THE LETTER X - the twenty-fourth letter of the English alphabet. Its position and form are derived from the Latin alphabet, which received them from the Western Greek alphabet. The alphabet of the Western Greeks differed from the Ionic, which is the Greek alphabet now in general use, by the shape and position of X and of some other consonants. The Ionic alphabet placed x immediately after N and, in the oldest records, in the form ^, from which the ordinary Greek capital E was developed. The position and shape of this symbol show clearly that it was taken from the Semitic Samekh, which on the Moabite stone appears as ^=. Why the Greeks attached this value to the symbol is not clear; in Semitic the symbol indicates the ordinary s. Still less clear is the origin of the form X> which in the Ionic alphabet stands for x (* followed by a breath). In a very ancient alphabet on a small vase found in 1882 at Formello near the ancient Veii in Etruria, a symbol appears after N consisting of three horizontal and three vertical lines, EB- From this it has been suggested that both forms of the Greek * are derived, H by removing the vertical lines, X in its earliest 'form -f" by removing the four marginal lines. The Ionic symbol, however, corresponds closely to the earliest Phoenician, so that this theory is not very plausible for E, and there are various other possibilities for the development of X (see ALPHABET). This symbol appears in the very early Latin inscriptions found in the Roman Forum in 1899 as 7^. In its usual value as ks it is superfluous. In the Ionic alphabet it was useful, because there it represented a single sound, which before the invention of the symbol had to be represented by kh. In the alphabet in use officially at Athens before 403 B.C. x was written by x^ (khs). In English there is an interesting variation of pronunciation in many words according to the position of the accent: if the accent precedes, x is pronounced ks; if it follows, x is pronounced gz: compare exit (eksit) with exdct (egzact).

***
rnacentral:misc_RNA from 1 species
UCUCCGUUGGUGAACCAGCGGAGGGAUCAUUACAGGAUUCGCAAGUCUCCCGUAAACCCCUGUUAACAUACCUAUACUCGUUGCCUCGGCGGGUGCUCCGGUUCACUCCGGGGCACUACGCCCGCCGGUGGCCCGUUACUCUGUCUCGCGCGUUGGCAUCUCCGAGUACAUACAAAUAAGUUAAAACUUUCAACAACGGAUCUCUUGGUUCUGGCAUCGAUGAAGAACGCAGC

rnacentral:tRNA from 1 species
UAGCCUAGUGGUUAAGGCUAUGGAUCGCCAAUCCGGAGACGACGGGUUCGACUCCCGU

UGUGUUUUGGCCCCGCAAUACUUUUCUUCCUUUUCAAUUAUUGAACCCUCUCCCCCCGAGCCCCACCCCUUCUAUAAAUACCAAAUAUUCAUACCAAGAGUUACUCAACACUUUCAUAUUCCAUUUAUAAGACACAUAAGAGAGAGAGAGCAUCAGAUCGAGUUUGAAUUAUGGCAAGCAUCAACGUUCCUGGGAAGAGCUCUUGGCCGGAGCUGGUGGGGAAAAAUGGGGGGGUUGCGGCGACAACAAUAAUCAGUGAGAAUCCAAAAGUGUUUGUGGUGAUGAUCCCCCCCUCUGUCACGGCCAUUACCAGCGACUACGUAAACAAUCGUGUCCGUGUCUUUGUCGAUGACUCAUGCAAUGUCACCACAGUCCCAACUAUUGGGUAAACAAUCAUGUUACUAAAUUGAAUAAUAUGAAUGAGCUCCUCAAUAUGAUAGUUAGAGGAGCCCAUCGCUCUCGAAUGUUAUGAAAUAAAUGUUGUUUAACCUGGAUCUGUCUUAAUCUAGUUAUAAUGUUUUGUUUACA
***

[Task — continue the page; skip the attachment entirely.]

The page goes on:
The symbol X was used both by the Romans and the Etruscans for the numeral 10. Which borrowed from the other is uncertain, but the Etruscans did not use X as part of their alphabet. X with a horizontal line over it was used for 10,000, and when a line on each side was added, |X|, for a million. (P. Gi.)
Note - this article incorporates content from Encyclopaedia Britannica, Eleventh Edition, (1910-1911)